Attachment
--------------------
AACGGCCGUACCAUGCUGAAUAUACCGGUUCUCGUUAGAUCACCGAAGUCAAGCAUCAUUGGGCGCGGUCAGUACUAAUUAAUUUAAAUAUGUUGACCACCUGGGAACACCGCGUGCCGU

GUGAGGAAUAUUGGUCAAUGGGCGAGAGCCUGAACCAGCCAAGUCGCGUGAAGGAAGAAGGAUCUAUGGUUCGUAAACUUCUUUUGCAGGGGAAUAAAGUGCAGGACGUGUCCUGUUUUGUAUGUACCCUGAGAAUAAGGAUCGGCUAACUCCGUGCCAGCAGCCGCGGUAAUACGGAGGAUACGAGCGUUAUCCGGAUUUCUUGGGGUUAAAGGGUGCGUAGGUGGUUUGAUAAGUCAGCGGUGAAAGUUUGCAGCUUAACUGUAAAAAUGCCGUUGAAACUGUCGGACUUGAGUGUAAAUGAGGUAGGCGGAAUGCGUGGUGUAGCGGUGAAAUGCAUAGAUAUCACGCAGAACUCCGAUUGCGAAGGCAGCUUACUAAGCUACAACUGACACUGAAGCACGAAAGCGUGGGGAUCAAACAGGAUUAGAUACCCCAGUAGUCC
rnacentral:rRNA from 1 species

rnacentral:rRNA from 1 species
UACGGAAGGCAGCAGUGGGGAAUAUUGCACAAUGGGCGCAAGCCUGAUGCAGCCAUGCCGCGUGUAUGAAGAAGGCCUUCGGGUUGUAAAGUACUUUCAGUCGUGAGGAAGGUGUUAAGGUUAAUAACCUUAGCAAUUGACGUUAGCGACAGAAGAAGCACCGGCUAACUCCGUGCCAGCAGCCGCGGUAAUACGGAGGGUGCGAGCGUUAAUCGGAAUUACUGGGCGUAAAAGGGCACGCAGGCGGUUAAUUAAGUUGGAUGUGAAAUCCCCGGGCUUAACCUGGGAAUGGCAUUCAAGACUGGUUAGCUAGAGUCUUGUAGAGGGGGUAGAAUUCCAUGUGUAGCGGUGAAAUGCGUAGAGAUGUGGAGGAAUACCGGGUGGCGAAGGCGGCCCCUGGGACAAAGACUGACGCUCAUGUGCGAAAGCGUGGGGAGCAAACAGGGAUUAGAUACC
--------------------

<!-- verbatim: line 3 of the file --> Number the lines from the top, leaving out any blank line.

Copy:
rnacentral:rRNA from 1 species